“Nothing has changed for me,” Smith said. “I’m not surprised at all. I knew what I was capable of. Coming in with a group of great backs, you have to be humble. When your time is called, you have to be prepared.
“I’m just trying to go out, work hard, get better at my craft and be a leader for the young guys. It’s a great individual opportunity for me, but the team goal hasn’t changed. We’re competing for something big this year.”
That’s why Smith worked during all hours of the day in the offseason. Among the areas he concentrated on was ball security. Smith says the dubious beginning to his career isn’t in his head despite the summer work.
“It’s not a thing,” he promised. “I don’t know how to talk about it. It’s never been an issue for me. I feel like the media made it a big deal, but you have to block it out and work on your game. You can’t worry about what other people think.”
The top priority, though, was learning Ohio State’s complex playbook to perfection. He said he accomplished it – “I know it like the back of my hand” – which bodes well for playing time. Smith also improved his pass protection, one of the most underrated aspects of being a running back.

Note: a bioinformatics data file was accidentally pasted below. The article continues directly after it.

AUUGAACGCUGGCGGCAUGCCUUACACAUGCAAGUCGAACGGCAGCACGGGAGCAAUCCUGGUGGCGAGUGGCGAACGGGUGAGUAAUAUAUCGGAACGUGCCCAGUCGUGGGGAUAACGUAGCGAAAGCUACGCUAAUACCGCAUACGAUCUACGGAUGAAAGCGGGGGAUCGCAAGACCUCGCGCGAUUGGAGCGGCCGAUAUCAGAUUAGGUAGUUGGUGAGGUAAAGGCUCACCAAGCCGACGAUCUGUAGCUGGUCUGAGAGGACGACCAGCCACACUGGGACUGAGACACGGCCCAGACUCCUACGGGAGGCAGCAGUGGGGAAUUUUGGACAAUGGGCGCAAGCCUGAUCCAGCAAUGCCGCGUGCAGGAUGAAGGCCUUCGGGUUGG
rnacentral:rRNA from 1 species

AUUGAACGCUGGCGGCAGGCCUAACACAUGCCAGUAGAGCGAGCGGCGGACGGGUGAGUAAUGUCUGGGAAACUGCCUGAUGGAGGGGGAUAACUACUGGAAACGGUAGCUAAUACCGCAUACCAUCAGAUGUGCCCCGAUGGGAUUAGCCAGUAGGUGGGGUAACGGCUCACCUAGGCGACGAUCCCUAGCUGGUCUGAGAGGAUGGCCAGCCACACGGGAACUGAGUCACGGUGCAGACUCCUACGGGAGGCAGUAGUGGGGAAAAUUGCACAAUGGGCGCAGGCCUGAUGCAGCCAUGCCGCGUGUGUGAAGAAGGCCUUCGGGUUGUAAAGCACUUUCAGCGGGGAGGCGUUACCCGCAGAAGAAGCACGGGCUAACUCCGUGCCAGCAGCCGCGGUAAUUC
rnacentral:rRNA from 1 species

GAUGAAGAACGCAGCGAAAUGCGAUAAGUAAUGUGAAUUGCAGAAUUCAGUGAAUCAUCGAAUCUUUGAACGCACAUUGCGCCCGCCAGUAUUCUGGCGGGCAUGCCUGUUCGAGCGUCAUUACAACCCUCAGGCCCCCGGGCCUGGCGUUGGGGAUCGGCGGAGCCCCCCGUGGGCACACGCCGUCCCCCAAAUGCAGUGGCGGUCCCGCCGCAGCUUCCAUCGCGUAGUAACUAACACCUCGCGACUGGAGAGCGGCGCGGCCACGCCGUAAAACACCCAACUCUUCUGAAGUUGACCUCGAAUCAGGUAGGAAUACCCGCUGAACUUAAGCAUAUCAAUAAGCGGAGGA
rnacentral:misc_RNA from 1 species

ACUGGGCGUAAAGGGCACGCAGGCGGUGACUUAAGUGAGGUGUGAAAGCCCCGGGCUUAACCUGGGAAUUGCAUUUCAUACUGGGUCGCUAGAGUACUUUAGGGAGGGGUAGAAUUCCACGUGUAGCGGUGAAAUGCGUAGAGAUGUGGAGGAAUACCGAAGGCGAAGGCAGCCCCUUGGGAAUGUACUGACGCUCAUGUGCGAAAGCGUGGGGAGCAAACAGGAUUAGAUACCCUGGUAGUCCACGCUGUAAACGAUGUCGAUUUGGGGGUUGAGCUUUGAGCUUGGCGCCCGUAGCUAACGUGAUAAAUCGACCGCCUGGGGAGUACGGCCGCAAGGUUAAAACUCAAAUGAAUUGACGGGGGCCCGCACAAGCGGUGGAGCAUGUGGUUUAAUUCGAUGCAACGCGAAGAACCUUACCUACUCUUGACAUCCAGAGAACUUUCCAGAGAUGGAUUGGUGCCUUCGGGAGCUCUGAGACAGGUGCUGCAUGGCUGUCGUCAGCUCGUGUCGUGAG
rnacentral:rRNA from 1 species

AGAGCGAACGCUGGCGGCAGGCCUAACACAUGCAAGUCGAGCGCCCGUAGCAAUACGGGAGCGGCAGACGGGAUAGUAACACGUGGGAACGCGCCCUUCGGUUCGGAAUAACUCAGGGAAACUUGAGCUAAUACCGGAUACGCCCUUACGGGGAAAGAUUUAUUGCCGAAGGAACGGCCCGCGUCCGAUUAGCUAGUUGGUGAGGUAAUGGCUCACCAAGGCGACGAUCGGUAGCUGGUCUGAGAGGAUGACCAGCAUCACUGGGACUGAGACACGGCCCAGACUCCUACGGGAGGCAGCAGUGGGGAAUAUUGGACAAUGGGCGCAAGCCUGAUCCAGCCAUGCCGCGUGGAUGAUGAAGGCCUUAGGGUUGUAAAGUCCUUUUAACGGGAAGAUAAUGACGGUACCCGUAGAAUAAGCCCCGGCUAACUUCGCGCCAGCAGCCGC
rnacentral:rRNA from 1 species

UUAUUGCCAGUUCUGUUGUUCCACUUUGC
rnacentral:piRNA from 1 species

Elliott, who’s also in the process of deciphering the Rorschach test that is the Ohio State playbook, agreed with Smith’s assessment of picking up defenders that reach the backfield. There aren’t many Adolphus Washingtons and Ryan Shaziers in Missouri.
“You have a lot of faster and bigger guys,” Elliott said. “You aren’t used to holes opening and closing that fast. The biggest adjustment is pass protection. That’s a pain, having to make those reads and block guys like Adolphus and Ryan Shazier. That’s my biggest adjustment to college football.”